United States District Court, W.D. Kentucky, Louisville Division
REBECCA GRADY JENNINGS, DISTRICT JUDGE
Kemeron Montez Hardin, pro se, filed this in
forma pauperis action on the Court's approved 42
U.S.C. § 1983 complaint form. This case is before the
Court for screening pursuant to 28 U.S.C. § 1915A and
McGore v. Wrigglesworth, 114 F.3d 601 (6th Cir.
1997), overruled on other grounds by Jones v. Bock,
549 U.S. 199 (2007). For the following reasons, this case
will be dismissed.
STATEMENT OF CLAIMS
is incarcerated in the Hardin County Detention Center (HCDC).
He names as Defendants the Kentucky Department of Corrections
(KDOC), the HCDC, KDOC Offender Information Supervisor Duncan
Kendall, and HCDC Class D Coordinator A. Jessie. He states
that he was sentenced in 2013 to ten years in jail for theft;
that he was released on parole; and that he violated his
parole 56 days later and received a “24 month (2 yr)
flop.” He alleges that the time shown on his time card
does not correspond to the “good time” he has
earned. According to his complaint, Plaintiff “should
have served out 12/1/2018 or 1/1/2019, ” putting him
past his serve-out date. He states that he has written
multiple requests to the KDOC to no avail. He also alleges
that he has been “denied to go to the R.C. building due
to a 12 yr old escape from 2007” even though he has not
been classified as an escape risk and that he has been
wrongfully denied the right to earn work credit.
relief, Plaintiff asks for monetary and punitive damages.
prisoner initiates a civil action seeking redress from a
governmental entity, officer, or employee, the trial court
must review the complaint and dismiss the action, if the
Court determines that it is frivolous or malicious, fails to
state a claim upon which relief may be granted, or seeks
monetary relief from a defendant who is immune from such
relief. See 28 U.S.C. § 1915A(b)(1) and (2). A
claim is legally frivolous when it lacks an arguable basis
either in law or in fact. Neitzke v. Williams, 490
U.S. 319, 325 (1989). The Court may, therefore, dismiss a
claim as frivolous where it is based on an indisputably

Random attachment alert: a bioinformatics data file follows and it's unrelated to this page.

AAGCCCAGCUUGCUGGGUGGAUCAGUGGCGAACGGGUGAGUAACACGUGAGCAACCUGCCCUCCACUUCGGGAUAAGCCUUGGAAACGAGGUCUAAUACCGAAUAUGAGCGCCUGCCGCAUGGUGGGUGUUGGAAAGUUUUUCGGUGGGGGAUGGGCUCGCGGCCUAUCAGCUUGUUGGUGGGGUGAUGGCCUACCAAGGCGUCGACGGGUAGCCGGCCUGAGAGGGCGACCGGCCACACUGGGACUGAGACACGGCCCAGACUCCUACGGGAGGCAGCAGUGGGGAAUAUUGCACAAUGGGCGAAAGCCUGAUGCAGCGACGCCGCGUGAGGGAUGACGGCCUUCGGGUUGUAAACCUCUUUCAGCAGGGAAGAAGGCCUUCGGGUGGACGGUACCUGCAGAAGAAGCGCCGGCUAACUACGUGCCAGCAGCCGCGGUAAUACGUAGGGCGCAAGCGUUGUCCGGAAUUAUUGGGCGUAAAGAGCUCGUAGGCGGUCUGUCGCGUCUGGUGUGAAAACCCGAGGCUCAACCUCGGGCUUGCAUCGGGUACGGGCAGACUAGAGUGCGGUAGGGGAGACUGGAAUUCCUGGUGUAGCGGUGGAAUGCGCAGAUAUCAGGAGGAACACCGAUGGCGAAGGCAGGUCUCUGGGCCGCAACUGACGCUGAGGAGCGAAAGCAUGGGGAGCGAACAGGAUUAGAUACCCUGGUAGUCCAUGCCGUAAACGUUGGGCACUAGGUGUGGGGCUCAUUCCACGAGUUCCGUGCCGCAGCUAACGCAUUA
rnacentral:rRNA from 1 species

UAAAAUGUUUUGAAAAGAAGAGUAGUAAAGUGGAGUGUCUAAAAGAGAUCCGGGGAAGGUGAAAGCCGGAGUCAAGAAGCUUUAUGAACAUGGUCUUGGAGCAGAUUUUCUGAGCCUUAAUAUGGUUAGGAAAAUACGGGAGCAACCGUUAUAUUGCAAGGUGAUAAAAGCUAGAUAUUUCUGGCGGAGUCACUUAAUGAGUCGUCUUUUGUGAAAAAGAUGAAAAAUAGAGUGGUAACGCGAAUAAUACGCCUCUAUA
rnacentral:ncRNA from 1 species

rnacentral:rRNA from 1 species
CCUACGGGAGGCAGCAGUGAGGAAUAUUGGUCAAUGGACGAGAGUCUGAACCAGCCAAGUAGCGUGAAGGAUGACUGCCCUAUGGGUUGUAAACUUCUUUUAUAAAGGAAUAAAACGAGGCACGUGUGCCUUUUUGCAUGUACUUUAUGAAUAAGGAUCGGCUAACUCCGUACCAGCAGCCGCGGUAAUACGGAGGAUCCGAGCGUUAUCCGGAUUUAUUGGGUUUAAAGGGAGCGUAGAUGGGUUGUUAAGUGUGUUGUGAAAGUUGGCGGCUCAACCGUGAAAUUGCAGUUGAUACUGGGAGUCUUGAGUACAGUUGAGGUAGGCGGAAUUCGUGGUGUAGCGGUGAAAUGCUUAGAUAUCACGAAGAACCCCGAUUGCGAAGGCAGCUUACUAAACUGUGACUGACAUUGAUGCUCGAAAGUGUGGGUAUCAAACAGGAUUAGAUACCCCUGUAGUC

meritless legal theory or where the factual contentions are
clearly baseless. Id. at 327. When determining
whether Plaintiff has stated a claim upon which relief can be
granted, the Court must construe the complaint in a light
most favorable to Plaintiff and accept all factual
allegations as true. Prater v. City of Burnside,
Ky., 289 F.3d 417, 424 (6th Cir. 2002). While a
reviewing court must liberally construe pro se pleadings,
Boag v. MacDougall, 454 U.S. 364, 365 (1982) (per
curiam), to avoid dismissal, a complaint must include
“enough facts to state a claim to relief that is
plausible on its face.” Bell Atl. Corp. v.
Twombly, 550 U.S. 544, 570 (2007).
1983 provides a private cause of action against state
officials acting “under color of state law” that
deprive persons of “a right secured by the Federal
Constitution or laws of the United States.” 42 U.S.C.
§ 1983. Although the Supreme Court has recognized that
prisoners have a liberty interest in the correct application
of jail credits to their sentences, see Wilkinson v.
Dotson, 544 U.S. 74 (2005), the Supreme Court also has
held that when the application of good- time credits
necessarily results in the prisoner's “immediate
release from physical custody” or “in shortening
the length of their actual confinement in prison, habeas
corpus [is] their appropriate remedy.” Preiser v.
Rodriguez, 411 U.S. 475, 487 (1973). Thus, Plaintiff
fails to state a § 1983 claim related to being held past
his serve-out date due to alleged miscalculations by
Plaintiff's claims for monetary and punitive damages are
barred by Heck v. Humphrey, 512 U.S. 477 (1994).
Under the Heck doctrine, a state prisoner may not
file a § 1983 suit for damages or equitable relief
challenging his conviction or sentence if a ruling on his
claim would render the conviction or sentence invalid, until
and unless the conviction or sentence has been reversed on
direct appeal, expunged by Executive Order, declared invalid
by a state tribunal, or has been called into question by a
federal court's issuance of a writ of habeas corpus under
28 U.S.C. § 2254. Heck, 512 U.S. at 486-87;
Wilkinson v. Dotson, 544 U.S. at 81-82 (“[A]
state prisoner's § 1983 action is barred (absent
prior invalidation) - no matter the relief sought (damages or
equitable relief), no matter the target of the prisoner's
suit (state conduct leading to conviction or internal prison
proceedings) - if success in that action would
necessarily demonstrate the invalidity of confinement or its
regard to Plaintiff's claims that he has been denied the
right to go to a particular building based on fears of his
escape, a prisoner has no constitutional right to be held in
a specific security classification. Garrison v.
Corr, 26 Fed.Appx. 410, 412 (6th Cir. 2001) (citing
Moody v. Daggett, 429 U.S. 78, 88 n.9 (1976);
Meachum v. Fano, 427 U.S. 215, 224 (1976)). Nor does
a Kentucky prisoner have a right to be housed in a particular
place. Ward v. Dyke, 58 F.3d 271, 274 (6th Cir.
1995); see also Ky. Rev. Stat. §§
196.070(1), 197.065 (granting Department of Corrections
discretion to decide where to place or transfer prisoners).
Therefore, the complaint does not state a claim related to
where Plaintiff can or cannot go within the prison.
regarding Plaintiffs claim that he should be allowed to earn
work credit, a prisoner does not have a constitutional right
to prison employment. Martin v. O'Brien, 207
Fed.Appx. 587, 590 (6th Cir. 2006); Argue v.
Hofmeyer, 80 Fed.Appx. 427, 429 (6th Cir. 2003) (holding
prisoners have no constitutional right to rehabilitation,
education, or jobs). Because “no prisoner has a
constitutional right to a particular job or to any job,
” Ivey v. Wilson, 832 F.2d 950, 955 (6th Cir.
1987) (per curiam), Plaintiffs claim related to not being
able to work fails to state a claim.